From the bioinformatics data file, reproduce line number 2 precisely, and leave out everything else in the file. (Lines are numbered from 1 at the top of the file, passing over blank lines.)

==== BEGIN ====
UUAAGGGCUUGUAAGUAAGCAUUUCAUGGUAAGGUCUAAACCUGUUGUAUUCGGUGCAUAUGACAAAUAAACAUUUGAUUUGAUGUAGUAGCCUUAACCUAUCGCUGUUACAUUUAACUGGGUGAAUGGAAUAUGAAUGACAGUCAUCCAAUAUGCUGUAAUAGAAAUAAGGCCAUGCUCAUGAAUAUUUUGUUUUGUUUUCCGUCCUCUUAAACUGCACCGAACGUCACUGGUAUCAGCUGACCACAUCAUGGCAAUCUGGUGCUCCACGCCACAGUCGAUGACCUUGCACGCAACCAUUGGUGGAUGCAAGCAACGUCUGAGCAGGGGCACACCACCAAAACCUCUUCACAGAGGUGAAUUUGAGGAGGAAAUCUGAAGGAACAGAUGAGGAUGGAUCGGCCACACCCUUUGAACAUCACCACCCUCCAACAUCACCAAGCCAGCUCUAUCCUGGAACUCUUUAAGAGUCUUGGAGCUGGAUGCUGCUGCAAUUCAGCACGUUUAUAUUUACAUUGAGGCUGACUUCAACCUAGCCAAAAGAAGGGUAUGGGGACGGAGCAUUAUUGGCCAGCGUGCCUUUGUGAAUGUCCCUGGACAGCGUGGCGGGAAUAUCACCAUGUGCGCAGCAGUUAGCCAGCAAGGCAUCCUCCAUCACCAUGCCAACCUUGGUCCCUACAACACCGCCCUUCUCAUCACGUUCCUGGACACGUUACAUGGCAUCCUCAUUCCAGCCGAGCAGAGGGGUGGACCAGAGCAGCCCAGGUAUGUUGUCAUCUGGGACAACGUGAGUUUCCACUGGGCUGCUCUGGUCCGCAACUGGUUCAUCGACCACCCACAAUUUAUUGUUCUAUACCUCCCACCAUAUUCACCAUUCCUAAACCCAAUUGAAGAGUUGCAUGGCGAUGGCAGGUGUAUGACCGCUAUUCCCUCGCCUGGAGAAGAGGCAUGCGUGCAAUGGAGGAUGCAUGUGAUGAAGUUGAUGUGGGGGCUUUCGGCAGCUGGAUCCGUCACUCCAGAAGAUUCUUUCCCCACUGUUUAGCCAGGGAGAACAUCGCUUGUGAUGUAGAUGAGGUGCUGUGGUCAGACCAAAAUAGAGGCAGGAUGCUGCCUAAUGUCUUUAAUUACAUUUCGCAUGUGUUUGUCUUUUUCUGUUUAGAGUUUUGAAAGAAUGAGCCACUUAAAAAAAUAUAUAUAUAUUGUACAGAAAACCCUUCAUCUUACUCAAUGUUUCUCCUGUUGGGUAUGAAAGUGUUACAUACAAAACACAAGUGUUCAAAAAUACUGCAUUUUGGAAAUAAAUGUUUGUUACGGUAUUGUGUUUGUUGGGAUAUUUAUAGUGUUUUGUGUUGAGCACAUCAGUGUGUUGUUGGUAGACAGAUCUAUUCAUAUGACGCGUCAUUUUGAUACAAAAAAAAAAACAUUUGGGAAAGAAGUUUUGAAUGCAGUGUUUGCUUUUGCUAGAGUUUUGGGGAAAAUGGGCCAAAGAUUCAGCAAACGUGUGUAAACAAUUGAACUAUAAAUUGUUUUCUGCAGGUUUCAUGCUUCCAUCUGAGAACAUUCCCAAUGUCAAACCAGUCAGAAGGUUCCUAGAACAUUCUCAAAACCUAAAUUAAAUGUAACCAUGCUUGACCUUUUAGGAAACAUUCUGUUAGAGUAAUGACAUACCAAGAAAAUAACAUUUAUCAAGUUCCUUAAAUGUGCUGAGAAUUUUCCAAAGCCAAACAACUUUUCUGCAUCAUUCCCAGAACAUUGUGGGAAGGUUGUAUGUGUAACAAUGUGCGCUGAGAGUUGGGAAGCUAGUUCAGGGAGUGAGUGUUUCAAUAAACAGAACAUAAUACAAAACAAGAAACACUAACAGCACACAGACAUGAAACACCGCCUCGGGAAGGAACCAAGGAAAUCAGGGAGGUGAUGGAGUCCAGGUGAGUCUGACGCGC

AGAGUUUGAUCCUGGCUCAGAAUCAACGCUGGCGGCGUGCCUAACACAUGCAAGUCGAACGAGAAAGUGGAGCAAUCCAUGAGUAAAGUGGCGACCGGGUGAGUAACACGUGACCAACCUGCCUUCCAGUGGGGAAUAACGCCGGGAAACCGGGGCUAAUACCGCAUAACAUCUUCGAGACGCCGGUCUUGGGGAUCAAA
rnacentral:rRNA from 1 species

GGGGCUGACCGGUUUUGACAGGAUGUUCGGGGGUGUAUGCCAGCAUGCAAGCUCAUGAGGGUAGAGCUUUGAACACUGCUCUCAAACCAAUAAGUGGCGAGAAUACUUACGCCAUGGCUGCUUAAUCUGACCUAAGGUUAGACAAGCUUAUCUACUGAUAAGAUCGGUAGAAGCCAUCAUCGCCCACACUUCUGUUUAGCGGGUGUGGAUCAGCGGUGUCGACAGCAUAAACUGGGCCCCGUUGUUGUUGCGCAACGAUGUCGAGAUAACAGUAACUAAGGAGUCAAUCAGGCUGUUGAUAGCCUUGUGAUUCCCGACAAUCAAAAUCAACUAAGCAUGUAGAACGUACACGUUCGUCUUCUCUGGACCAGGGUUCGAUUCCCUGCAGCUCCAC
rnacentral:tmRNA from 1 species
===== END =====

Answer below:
AGAGUUUGAUCCUGGCUCAGAAUCAACGCUGGCGGCGUGCCUAACACAUGCAAGUCGAACGAGAAAGUGGAGCAAUCCAUGAGUAAAGUGGCGACCGGGUGAGUAACACGUGACCAACCUGCCUUCCAGUGGGGAAUAACGCCGGGAAACCGGGGCUAAUACCGCAUAACAUCUUCGAGACGCCGGUCUUGGGGAUCAAA